Edward Hooper

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Edward Hooper (born 1951) is a British writer best known for his book, The River, which investigates the origins and early epidemiology of AIDS and makes a case for the OPV AIDS hypothesis, which states that the AIDS virus was accidentally created by scientists testing an experimental polio vaccine. Hooper's theory has been refuted using molecular biological and phylogenetic studies demonstrating the origins of HIV as a mutated variant of simian immunodeficiency virus that is lethal to humans.[1][2][3][4][5]

OPV AIDS Research[edit]

Hooper first encountered the OPV AIDS hypothesis when he read a 1992 article in Rolling Stone magazine by freelance journalist Tom Curtis. Curtis described a theory advanced by Louis Pascal that the human immunodeficiency virus (HIV) was inadvertently caused in the late 1950s in the Belgian Congo by Hilary Koprowski's testing of an oral polio vaccine (OPV) on human subjects. This is the "OPV AIDS hypothesis."

The British Medical Journal, in December 1997, published a letter,[6] by Hooper, which described the case of an early AIDS death, that of Arvid Noe. Hooper warned of the danger of zoonosis and also referred to the OPV AIDS hypothesis, "Others, members of the iatrogenic school, believe that the hand of medical science may have played an unintended role. They propose that the capture of monkeys and apes for scientific purposes, or the administration in Africa of vaccines made in substrates of primate kidney, may have been the initial means whereby the precursor simian viruses were transferred to humans."

Hooper, after traveling in Africa, Europe, and the United States for 7 years of research, in 1999 published a book The River: A journey back to the source of HIV and AIDS.[7] In it Hooper surmised that an experimental oral polio vaccine prepared in chimpanzee kidneys or blood may indeed have been the route through which the simian immunodeficiency virus (SIV) passed to humans and mutated into HIV sometime between 1957 and 1959. Hooper advocated for further scientific investigation of the OPV/AIDS hypothesis and for the observation of appropriate precautions with regard to future use of animal tissue culture in medical applications, particularly in the research and development of AIDS vaccines. Also in 1998, Hooper co-authored a letter to Nature, "An African HIV-1 sequence from 1959 and implications for the origin of the epidemic",[8]

With the enthusiastic support of the eminent evolutionary biologist W. D. Hamilton, Hooper was invited to take part in a symposium at Royal Society of London, the first time a non-scientist had ever been invited to such a discussion. Hooper's presentation and data were heavily criticized and rejected by scientists at the gathering;[9] the vaccine expert Stanley Plotkin wrote at the time that "Testimony by eyewitnesses, documents of the time, epidemiological analysis, and ancillary phylogenetic, virologic and PCR data all concur to reject the [OPV AIDS] hypothesis as false and without factual foundation."[10]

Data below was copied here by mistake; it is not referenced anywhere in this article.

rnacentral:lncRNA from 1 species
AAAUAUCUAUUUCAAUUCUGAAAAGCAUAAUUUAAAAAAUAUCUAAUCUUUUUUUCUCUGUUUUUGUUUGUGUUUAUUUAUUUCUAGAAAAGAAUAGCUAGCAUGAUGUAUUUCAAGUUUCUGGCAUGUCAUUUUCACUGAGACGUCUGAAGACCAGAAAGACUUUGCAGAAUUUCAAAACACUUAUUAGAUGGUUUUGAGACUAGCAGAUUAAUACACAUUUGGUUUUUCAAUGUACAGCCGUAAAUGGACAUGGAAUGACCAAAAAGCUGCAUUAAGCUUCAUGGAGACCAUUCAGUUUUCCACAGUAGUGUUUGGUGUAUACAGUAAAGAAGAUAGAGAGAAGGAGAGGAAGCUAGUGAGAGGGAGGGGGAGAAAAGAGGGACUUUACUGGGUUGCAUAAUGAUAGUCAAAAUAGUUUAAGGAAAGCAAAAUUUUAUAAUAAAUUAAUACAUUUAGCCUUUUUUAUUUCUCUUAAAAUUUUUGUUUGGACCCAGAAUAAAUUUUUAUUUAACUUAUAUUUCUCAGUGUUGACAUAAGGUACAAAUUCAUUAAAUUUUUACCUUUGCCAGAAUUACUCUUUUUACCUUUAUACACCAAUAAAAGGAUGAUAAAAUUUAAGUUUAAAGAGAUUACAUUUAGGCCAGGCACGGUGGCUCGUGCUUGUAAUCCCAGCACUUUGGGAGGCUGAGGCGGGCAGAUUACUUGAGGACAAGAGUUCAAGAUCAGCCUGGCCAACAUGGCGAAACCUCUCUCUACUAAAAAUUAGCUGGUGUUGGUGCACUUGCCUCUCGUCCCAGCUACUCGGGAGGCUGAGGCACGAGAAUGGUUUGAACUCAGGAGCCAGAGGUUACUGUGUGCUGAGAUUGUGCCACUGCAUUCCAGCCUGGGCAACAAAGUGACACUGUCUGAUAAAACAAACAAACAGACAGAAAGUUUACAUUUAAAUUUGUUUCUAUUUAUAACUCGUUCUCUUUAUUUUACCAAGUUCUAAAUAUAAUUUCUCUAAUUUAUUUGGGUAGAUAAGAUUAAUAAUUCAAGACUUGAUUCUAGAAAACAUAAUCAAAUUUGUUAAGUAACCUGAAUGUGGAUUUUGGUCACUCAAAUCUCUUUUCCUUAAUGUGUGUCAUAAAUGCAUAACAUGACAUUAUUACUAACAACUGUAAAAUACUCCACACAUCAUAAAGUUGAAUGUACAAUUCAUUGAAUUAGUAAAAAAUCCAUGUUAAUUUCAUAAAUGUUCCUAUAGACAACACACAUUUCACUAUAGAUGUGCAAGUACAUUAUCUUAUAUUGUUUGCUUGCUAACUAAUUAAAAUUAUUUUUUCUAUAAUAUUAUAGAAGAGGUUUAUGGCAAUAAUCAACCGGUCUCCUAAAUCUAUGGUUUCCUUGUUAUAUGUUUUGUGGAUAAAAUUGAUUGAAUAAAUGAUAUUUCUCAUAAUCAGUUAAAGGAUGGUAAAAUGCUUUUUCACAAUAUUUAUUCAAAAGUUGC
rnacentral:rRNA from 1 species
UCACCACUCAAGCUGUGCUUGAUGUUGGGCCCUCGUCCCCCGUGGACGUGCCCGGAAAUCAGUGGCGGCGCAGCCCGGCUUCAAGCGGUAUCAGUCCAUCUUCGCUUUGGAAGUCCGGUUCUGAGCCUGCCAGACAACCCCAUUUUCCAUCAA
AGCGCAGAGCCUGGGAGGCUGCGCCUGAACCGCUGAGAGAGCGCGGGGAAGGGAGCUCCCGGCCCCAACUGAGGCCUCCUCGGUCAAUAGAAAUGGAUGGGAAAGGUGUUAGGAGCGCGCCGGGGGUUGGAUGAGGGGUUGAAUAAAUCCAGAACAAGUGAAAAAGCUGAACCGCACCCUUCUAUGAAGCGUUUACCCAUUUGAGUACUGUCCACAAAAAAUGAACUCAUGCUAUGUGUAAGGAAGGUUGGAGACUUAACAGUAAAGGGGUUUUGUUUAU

Currently, additional scientific evidence has led to a rejection of the OPV AIDS hypothesis by the scientific community.[11]

Hooper continues to promote the hypothesis on his website, aidsorigins.com, where he criticizes the research and conduct of many of the scientists involved in the investigation and alleges a "very substantial cover-up" took place to silence the hypothesis.[12]

References[edit]

  1. ^ Hillis DM (2000). "AIDS. Origins of HIV". Science 288 (5472): 1757–9. doi:10.1126/science.288.5472.1757. PMID 10877695. 
  2. ^ Birmingham K (2000). "Results make a monkey of OPV-AIDS theory". Nat Med 6 (10): 1067. doi:10.1038/80356. PMID 11017114. 
  3. ^ Cohen J (2001). "AIDS origins. Disputed AIDS theory dies its final death". Science 292 (5517): 615. doi:10.1126/science.292.5517.615a. PMID 11330303. 
  4. ^ Origin of Human Immunodeficiency Virus (HIV/AIDS) Centers for Disease Control and Prevention website , Accessed 30th January 2007
  5. ^ Worobey M, Santiago M, Keele B, Ndjango J, Joy J, Labama B, Dhed'A B, Rambaut A, Sharp P, Shaw G, Hahn B (2004). "Origin of AIDS: contaminated polio vaccine theory refuted". Nature 428 (6985): 820. doi:10.1038/428820a. PMID 15103367. 
  6. ^ Hooper, Edward Sailors and star-bursts, and the arrival of HIV BMJ 1997;315:1689-1691 (20 December) retrieved 14 November 2008
  7. ^ Hooper, Edward The river : a journey to the source of HIV and AIDS Boston, MA : Little, Brown and Co ISBN 0-316-37261-7, ISBN 978-0-316-37261-9
  8. ^ Zhu, T; Korber, BT; Nahmias, AJ; Hooper, E; Sharp, PM; Ho, DD (1998). "An African HIV-1 sequence from 1959 and implications for the origin of the epidemic". Nature 391 (6667): 594–597. doi:10.1038/35400. PMID 9468138. 
  9. ^ Plotkin SA, Teuwen DE, Prinzie A, Desmyter J (2001). "Postscript relating to new allegations made by Edward Hooper at The Royal Society Discussion Meeting on 11 September 2000". Philos. Trans. R. Soc. Lond., B, Biol. Sci. 356 (1410): 825–9. doi:10.1098/rstb.2001.0875. PMC 1088472. PMID 11405926. 
  10. ^ Plotkin SA (2001). "Untruths and consequences: the false hypothesis linking CHAT type 1 polio vaccination to the origin of human immunodeficiency virus". Philos. Trans. R. Soc. Lond., B, Biol. Sci. 356 (1410): 815–23. doi:10.1098/rstb.2001.0861. PMC 1088471. PMID 11405925. 
  11. ^ For summaries of scientific opinion on the topic, see:
  12. ^ AIDSorigins.com, Edward Hooper's website

Bibliography[edit]

External links[edit]